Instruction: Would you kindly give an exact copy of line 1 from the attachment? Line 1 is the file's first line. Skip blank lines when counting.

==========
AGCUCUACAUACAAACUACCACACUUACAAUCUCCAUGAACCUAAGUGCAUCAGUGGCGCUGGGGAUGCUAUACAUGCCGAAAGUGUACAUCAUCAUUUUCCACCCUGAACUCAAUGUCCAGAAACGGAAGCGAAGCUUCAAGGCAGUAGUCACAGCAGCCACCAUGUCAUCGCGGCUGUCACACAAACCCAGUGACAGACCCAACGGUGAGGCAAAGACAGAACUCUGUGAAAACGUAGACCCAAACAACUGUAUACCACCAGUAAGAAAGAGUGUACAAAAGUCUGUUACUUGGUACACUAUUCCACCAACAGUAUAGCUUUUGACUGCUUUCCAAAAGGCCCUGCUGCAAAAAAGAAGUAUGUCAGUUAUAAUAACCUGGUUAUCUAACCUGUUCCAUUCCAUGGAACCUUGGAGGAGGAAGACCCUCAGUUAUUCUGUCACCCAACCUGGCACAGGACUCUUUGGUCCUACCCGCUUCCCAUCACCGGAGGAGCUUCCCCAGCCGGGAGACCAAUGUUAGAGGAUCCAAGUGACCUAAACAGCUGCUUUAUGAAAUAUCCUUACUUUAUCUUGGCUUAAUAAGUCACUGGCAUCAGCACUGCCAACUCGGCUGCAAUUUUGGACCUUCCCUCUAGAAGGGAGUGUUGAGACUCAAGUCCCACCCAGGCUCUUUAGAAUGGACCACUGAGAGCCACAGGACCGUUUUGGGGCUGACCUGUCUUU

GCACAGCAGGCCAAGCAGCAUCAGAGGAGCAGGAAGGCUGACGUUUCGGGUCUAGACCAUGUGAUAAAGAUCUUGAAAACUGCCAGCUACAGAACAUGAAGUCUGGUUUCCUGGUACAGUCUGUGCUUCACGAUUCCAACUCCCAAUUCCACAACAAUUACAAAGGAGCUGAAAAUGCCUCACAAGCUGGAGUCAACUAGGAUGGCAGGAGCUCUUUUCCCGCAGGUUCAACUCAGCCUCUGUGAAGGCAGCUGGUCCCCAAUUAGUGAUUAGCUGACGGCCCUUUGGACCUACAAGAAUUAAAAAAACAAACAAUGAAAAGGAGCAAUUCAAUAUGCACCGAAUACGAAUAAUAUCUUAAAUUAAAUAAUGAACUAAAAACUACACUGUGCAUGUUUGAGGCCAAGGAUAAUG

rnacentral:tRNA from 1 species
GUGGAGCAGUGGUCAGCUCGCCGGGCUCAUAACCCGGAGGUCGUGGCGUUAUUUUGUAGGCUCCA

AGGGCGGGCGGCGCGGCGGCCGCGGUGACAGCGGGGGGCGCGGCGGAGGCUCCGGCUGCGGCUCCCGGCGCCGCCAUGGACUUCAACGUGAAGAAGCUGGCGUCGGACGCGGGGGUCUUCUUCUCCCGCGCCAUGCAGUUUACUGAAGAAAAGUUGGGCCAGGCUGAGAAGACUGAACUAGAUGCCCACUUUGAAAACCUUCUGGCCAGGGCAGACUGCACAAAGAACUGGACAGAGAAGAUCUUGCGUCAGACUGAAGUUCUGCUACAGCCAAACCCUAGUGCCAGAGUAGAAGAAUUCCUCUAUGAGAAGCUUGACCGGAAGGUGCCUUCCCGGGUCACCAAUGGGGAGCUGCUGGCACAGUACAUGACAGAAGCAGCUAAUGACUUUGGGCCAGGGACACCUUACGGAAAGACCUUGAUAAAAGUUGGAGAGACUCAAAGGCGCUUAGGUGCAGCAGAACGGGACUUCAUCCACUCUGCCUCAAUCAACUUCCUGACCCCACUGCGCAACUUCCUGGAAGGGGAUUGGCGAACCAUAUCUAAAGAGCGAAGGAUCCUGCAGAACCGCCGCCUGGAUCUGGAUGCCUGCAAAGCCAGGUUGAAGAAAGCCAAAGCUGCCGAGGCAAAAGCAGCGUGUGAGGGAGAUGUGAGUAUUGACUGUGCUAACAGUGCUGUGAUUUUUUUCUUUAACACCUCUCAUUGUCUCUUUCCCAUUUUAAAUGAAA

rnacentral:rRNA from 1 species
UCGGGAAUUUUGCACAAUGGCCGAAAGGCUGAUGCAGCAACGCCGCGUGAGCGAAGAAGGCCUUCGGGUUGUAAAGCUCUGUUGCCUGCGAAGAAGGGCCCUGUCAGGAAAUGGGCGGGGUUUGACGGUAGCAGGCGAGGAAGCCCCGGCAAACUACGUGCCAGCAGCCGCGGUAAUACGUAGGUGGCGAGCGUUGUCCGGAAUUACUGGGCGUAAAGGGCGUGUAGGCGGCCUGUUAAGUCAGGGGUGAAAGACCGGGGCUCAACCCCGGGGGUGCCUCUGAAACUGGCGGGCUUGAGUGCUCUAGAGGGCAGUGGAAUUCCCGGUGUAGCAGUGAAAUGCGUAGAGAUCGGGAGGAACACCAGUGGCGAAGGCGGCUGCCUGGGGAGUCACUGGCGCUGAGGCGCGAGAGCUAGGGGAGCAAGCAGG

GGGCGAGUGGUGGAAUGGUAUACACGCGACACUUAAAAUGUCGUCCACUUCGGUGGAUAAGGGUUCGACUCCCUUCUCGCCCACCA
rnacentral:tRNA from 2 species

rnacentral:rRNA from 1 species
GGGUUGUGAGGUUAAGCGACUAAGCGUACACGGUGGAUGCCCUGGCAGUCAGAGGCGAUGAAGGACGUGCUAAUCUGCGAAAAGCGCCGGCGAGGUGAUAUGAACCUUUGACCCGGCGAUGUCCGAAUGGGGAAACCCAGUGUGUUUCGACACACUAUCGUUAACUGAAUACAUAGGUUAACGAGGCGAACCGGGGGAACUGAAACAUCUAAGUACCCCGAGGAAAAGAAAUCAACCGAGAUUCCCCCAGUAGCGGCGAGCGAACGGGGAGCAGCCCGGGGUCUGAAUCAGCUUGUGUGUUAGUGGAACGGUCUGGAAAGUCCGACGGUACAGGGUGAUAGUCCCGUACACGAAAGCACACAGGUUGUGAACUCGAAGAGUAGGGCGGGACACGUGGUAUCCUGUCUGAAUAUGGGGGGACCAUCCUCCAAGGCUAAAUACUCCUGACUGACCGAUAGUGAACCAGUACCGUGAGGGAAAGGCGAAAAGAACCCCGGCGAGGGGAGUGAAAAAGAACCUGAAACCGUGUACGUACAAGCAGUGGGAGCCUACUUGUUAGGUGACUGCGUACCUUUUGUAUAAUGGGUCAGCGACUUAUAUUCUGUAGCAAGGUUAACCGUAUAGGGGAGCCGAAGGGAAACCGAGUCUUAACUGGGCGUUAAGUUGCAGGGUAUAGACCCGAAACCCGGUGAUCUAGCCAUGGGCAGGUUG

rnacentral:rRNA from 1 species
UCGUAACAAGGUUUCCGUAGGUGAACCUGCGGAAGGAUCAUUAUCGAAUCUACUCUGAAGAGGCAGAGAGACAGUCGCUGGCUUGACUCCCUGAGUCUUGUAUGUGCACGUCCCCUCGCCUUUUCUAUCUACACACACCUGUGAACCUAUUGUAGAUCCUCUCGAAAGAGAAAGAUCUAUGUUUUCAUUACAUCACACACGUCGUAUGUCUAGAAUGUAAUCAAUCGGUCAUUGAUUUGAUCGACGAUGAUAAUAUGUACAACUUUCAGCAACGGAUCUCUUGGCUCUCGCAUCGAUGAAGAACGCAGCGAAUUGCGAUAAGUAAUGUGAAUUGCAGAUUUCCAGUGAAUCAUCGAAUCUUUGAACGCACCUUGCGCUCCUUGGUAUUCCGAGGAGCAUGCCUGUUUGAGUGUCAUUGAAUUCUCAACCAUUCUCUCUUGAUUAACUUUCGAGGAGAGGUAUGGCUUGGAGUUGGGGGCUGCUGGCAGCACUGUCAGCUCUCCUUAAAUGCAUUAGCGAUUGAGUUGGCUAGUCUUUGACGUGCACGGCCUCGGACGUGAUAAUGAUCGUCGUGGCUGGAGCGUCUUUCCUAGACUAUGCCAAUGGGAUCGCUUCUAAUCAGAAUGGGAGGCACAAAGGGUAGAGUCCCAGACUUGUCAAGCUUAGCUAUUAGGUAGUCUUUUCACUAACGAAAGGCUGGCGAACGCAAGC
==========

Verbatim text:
AGCUCUACAUACAAACUACCACACUUACAAUCUCCAUGAACCUAAGUGCAUCAGUGGCGCUGGGGAUGCUAUACAUGCCGAAAGUGUACAUCAUCAUUUUCCACCCUGAACUCAAUGUCCAGAAACGGAAGCGAAGCUUCAAGGCAGUAGUCACAGCAGCCACCAUGUCAUCGCGGCUGUCACACAAACCCAGUGACAGACCCAACGGUGAGGCAAAGACAGAACUCUGUGAAAACGUAGACCCAAACAACUGUAUACCACCAGUAAGAAAGAGUGUACAAAAGUCUGUUACUUGGUACACUAUUCCACCAACAGUAUAGCUUUUGACUGCUUUCCAAAAGGCCCUGCUGCAAAAAAGAAGUAUGUCAGUUAUAAUAACCUGGUUAUCUAACCUGUUCCAUUCCAUGGAACCUUGGAGGAGGAAGACCCUCAGUUAUUCUGUCACCCAACCUGGCACAGGACUCUUUGGUCCUACCCGCUUCCCAUCACCGGAGGAGCUUCCCCAGCCGGGAGACCAAUGUUAGAGGAUCCAAGUGACCUAAACAGCUGCUUUAUGAAAUAUCCUUACUUUAUCUUGGCUUAAUAAGUCACUGGCAUCAGCACUGCCAACUCGGCUGCAAUUUUGGACCUUCCCUCUAGAAGGGAGUGUUGAGACUCAAGUCCCACCCAGGCUCUUUAGAAUGGACCACUGAGAGCCACAGGACCGUUUUGGGGCUGACCUGUCUUU